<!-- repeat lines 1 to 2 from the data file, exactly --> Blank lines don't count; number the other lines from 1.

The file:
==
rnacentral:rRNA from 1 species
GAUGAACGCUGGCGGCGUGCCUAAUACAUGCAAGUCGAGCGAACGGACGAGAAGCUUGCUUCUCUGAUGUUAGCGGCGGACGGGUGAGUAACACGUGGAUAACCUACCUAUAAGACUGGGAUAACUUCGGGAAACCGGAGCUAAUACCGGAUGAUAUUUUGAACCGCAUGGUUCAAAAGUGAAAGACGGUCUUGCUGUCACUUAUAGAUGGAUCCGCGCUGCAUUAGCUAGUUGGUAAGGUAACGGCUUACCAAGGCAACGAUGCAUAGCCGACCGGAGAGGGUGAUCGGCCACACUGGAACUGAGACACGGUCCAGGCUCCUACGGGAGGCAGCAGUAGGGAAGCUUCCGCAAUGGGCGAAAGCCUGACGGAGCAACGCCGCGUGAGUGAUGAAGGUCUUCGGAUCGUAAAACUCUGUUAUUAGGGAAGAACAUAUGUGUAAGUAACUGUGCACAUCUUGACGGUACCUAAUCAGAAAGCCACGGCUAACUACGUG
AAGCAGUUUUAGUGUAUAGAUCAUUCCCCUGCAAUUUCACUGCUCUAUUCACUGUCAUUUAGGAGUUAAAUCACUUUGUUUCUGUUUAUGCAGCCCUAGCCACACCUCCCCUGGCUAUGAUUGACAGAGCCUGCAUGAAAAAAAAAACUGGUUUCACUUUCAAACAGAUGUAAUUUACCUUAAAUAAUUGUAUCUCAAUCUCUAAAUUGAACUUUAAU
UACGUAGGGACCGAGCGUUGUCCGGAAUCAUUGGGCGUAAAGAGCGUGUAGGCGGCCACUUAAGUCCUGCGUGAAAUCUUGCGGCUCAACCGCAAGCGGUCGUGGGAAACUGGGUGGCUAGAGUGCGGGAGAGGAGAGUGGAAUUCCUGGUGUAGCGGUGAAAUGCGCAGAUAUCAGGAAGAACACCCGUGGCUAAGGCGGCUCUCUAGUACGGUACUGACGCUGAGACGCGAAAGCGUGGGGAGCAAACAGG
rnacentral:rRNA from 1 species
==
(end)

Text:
rnacentral:rRNA from 1 species
GAUGAACGCUGGCGGCGUGCCUAAUACAUGCAAGUCGAGCGAACGGACGAGAAGCUUGCUUCUCUGAUGUUAGCGGCGGACGGGUGAGUAACACGUGGAUAACCUACCUAUAAGACUGGGAUAACUUCGGGAAACCGGAGCUAAUACCGGAUGAUAUUUUGAACCGCAUGGUUCAAAAGUGAAAGACGGUCUUGCUGUCACUUAUAGAUGGAUCCGCGCUGCAUUAGCUAGUUGGUAAGGUAACGGCUUACCAAGGCAACGAUGCAUAGCCGACCGGAGAGGGUGAUCGGCCACACUGGAACUGAGACACGGUCCAGGCUCCUACGGGAGGCAGCAGUAGGGAAGCUUCCGCAAUGGGCGAAAGCCUGACGGAGCAACGCCGCGUGAGUGAUGAAGGUCUUCGGAUCGUAAAACUCUGUUAUUAGGGAAGAACAUAUGUGUAAGUAACUGUGCACAUCUUGACGGUACCUAAUCAGAAAGCCACGGCUAACUACGUG